According to nearly a dozen reputable national polls conducted over the past month, an overwhelming majority of the American public favors stricter, tighter gun laws. In its review of nine recent polls -- including those run by Gallup, Pew Research, CNN/Time, CBS/New York Times and Fox News (!) -- Constitution Daily found an average of 88% of the public favoring universal background checks. Moreover by an average of 57%, people favored a ban on high-capacity ammunition clips, while 56% of those polled approved of a ban on assault rifles and semi-automatic weapons. In other findings:
- About 50% of the people questioned by the three most conservative polling organizations, were concerned that gun-control legislation would take weapons away from them, or believed protection from gun violence was a lesser concern than protecting their Second Amendment rights.
- In addition to background checks, another idea that has widespread support is devoting more funds and attention to mental health issues. An average of 83% of people surveyed in four polls favored increased attention to mental health programs.
- Of the 12 ideas that appeared across the grouping of all nine polls, the least popular was arming teachers and school officials with guns. It only had a support rate of 41%.
Despite these findings, Congress -- which in a recent Think Progress poll was found to be held in far lower esteem than Genghis Kahn, used car salesmen, lice and the band Nickleback (formally known as "The Village Idiots") -- Congress has yet to do much more than
cower before Wayne LaPierre and the National Rifle Association. (This just in: on today's "Meet the Press," LaPierre declared that background checks were based on "a dishonest premise," and said that New York Mayor Michael Bloomberg -- an advocate of stricter gun control who has given millions of dollars toward tighter regulation through Mayors Against Illegal Guns -- has an "insane" approach to gun control. Bloomberg supports universal background checks, as well as a ban on assault weapons and an upgraded gun-tracking system -- all measures the NRA opposes.)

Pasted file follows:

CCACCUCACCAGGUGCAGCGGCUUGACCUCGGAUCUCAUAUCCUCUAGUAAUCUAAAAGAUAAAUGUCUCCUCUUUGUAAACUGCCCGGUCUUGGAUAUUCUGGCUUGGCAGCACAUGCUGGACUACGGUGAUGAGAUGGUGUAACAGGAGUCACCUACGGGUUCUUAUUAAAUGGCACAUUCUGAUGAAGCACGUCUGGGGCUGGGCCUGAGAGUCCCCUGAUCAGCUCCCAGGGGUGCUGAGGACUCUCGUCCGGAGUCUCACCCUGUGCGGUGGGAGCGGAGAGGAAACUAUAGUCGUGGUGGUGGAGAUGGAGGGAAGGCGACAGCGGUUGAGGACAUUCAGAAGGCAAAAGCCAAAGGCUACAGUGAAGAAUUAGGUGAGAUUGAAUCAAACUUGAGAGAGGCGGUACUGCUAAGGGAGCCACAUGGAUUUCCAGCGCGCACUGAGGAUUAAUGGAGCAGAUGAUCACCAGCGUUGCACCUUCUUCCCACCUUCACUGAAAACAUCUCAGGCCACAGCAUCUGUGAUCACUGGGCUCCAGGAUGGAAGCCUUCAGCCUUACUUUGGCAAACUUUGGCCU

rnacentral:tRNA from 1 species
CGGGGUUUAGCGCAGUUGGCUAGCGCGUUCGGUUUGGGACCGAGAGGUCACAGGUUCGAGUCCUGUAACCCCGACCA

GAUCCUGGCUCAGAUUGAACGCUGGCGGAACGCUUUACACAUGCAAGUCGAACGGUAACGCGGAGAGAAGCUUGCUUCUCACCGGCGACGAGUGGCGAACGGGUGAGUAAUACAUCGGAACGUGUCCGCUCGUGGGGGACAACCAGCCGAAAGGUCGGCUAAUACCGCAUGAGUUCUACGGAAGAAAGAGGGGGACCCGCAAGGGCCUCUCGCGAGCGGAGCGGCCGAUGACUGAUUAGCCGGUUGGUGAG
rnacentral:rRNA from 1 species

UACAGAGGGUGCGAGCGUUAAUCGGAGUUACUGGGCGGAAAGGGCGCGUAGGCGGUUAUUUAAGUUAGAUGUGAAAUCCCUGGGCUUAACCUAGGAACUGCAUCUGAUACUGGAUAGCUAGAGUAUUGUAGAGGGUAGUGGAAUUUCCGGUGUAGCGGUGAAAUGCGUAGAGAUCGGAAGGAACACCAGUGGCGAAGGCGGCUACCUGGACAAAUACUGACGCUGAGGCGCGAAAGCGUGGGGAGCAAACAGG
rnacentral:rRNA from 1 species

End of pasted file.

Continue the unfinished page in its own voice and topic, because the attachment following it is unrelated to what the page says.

Despite LaPierre's rhetoric and his group's deep pockets, the NRA is increasingly being shown for what it truly it is: a blustering band of paper tigers whose roar is far more chimeric than concrete. Need proof? In the 2012 election, the NRA spent more than $18 million, making contributions to 140 incumbents (111 Republicans and 29 Democrats); 95% of those dollars were spent on races in which their preferred candidate lost -- this according to data compiled by the Sunlight Foundation. Moreover the NRA spent more than $100,000 in seven Senate races in 2012. On Election Day, their preferred candidate lost
in six of those races, often by healthy margins. In three of those states (Florida, Missouri and Maine, their candidates lost by more than 10 points. Similarly, of the 26
members of the House of Representatives who lost on Election Day, 18 were endorsed by the NRA.
Despite the NRA's dismal track record, nearly every Congressional Republican -- and a sizeable number of Democrats as well -- are loathe to support any gun control measure with teeth, such as reinstating the assault weapons ban, severely limiting the number of rounds in a magazine or taxing the daylights out of bullets. (Do check out this fascinating interactive website to see where your senators and representative stand on gun control and what "grade" they have received from the NRA)